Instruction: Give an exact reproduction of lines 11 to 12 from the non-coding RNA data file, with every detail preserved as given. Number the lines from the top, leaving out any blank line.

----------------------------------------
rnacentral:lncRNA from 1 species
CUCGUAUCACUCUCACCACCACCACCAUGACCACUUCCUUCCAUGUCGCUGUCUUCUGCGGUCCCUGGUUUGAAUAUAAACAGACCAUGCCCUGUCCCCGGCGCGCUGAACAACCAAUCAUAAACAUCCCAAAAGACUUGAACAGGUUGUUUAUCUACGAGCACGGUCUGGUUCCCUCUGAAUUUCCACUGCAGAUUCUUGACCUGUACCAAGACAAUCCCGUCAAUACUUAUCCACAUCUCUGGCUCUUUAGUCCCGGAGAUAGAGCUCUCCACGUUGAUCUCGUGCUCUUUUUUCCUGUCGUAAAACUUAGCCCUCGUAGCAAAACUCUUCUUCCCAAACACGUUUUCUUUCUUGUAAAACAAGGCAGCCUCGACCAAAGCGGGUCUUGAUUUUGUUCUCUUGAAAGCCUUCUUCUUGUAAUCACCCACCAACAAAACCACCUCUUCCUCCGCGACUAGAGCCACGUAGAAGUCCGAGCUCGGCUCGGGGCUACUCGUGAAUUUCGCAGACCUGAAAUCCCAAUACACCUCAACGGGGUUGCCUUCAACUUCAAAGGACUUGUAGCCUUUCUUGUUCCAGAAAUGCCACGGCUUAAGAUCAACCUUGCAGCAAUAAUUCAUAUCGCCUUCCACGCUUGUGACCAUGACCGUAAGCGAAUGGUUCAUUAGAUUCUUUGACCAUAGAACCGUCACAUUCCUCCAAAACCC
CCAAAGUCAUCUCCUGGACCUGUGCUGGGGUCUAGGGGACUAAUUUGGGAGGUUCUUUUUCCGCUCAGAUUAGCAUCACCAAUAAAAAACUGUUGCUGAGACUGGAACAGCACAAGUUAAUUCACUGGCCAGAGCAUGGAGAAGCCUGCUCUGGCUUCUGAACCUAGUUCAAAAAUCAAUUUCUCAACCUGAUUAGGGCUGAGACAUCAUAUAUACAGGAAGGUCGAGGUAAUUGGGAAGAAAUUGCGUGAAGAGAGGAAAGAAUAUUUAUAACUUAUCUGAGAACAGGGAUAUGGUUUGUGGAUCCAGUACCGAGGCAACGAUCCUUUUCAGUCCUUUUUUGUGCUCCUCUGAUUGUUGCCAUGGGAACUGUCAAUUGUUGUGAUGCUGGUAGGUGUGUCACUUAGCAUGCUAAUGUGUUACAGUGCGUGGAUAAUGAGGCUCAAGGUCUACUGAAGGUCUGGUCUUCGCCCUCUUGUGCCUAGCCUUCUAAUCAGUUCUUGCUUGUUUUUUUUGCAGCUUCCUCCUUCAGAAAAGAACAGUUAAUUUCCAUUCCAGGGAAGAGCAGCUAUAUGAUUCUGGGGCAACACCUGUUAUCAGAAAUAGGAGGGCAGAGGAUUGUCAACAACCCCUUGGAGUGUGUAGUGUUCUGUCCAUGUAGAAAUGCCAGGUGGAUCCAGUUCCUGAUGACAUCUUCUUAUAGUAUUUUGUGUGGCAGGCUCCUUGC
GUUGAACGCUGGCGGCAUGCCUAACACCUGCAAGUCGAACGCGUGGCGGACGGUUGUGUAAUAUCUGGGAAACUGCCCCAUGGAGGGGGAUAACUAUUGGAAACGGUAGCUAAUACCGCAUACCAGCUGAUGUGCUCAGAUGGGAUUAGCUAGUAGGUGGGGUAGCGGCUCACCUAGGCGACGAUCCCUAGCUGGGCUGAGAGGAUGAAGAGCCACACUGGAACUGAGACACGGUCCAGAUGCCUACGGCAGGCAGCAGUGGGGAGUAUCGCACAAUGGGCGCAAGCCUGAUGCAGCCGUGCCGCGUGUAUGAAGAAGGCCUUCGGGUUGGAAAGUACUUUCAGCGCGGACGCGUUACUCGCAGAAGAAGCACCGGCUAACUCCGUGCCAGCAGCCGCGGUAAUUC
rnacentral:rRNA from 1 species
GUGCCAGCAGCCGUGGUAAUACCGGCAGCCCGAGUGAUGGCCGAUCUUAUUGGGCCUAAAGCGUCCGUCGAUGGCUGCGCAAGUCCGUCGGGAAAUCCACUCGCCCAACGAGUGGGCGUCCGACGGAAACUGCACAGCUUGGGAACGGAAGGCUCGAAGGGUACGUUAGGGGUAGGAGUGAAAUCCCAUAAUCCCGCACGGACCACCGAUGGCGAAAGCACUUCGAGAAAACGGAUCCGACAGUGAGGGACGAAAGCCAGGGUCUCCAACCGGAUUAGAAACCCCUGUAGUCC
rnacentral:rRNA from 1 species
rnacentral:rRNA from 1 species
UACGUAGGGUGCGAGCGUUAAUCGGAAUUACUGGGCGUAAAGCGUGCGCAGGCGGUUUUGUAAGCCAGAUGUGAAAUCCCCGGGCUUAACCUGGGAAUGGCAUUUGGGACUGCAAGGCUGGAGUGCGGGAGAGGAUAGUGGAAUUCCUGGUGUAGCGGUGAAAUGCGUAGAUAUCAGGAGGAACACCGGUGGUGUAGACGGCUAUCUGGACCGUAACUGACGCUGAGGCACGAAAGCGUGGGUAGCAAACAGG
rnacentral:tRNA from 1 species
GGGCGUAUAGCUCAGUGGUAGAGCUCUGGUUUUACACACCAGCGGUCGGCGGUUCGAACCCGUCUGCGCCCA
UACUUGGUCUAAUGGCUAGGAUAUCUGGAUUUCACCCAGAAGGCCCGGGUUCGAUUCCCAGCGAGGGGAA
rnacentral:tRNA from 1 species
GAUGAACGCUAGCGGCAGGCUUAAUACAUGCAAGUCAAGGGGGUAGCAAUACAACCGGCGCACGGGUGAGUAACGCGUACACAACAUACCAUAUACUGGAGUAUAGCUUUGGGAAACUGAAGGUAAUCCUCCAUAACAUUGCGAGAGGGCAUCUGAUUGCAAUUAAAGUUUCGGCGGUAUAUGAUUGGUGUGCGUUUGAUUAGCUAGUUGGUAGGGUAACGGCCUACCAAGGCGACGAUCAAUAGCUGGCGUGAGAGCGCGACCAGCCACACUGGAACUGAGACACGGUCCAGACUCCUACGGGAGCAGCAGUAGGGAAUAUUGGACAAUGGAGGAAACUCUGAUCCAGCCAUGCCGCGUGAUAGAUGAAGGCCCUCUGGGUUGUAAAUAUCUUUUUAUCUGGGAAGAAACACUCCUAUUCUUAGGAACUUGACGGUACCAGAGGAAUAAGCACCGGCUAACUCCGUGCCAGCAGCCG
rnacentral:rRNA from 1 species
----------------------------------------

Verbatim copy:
GGGCGUAUAGCUCAGUGGUAGAGCUCUGGUUUUACACACCAGCGGUCGGCGGUUCGAACCCGUCUGCGCCCA
UACUUGGUCUAAUGGCUAGGAUAUCUGGAUUUCACCCAGAAGGCCCGGGUUCGAUUCCCAGCGAGGGGAA